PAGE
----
How to Restore a Photo With a Blurred Face (4 Steps)
By Brian Richards
Blurry faces in your photos can be caused by a number of things, including bad camera focus, a shaky camera or motion blur (the subject moved). With a graphics-design and photo-manipulation software program such as Adobe's Photoshop, Corel's Paint Shop Pro, Google's Picasa or the open-source GIMP, you can sharpen a blurred face and restore your photo.
Apply a sharpening filter. All photo-editing programs include a sharpening tool that works by increasing the contrast between pixels in your photo. Sharpening the photo will remove some of the blurriness, but it may also introduce graininess if the photo is over-sharpened.
Use an unsharp mask, if your program supports it, for more fine control over the sharpening process. While most sharpening filters will apply the same algorithm to every photo, programs that feature an unsharp mask will give you more control over the specific details and areas you want sharpened.
Choose the sharpen edges tool if your photo becomes too grainy before the blurred face can be restored. This tool will sharpen only the edges of your photograph, such as the transition between the face and the background and the lines between facial features. Because the sharpening will be limited to the edges, this method is less likely to introduce graininess or pixelated artifacts in other areas of the image.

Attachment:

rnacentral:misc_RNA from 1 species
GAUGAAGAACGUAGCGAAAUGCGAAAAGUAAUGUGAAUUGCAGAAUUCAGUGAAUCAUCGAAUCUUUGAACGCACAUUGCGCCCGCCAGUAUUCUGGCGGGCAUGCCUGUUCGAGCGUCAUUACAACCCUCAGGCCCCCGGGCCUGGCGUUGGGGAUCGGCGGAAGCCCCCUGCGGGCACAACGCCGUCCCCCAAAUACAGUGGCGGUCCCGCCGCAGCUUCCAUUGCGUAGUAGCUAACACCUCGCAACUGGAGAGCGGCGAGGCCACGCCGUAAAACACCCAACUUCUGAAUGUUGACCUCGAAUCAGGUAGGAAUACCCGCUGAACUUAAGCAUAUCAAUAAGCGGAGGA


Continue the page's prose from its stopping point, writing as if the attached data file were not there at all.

Resize your photograph downward. Blur is often only noticeable when viewing the photo full-size. Physically resizing the image to smaller dimensions will help to hide the blurriness. The amount of shrinking you should apply depends on the degree of blur in the image, so try different sizes until you find one that is an acceptable size and sufficiently hides the blurriness.
- Many of the popular photo-editing programs include plug-ins from third-party developers that are better able to take care of blurry photos. Look for plug-ins like Focus Magic, Pixel Genius and Photokit Sharpener.
- Excessive blurriness is almost impossible to restore. The best way to get rid of blurred photos is to avoid it in the first place. When shooting, use a fast shutter speed to help reduce motion blur and camera shake, and focus directly on a person's face (even if you need to recompose the image afterward).
Brian Richards is an attorney whose work has appeared in law and philosophy journals and online in legal blogs and article repositories. He has been a writer since 2008. He holds a Bachelor of Science in psychology from University of California, San Diego and a Juris Doctor from Lewis and Clark School of Law.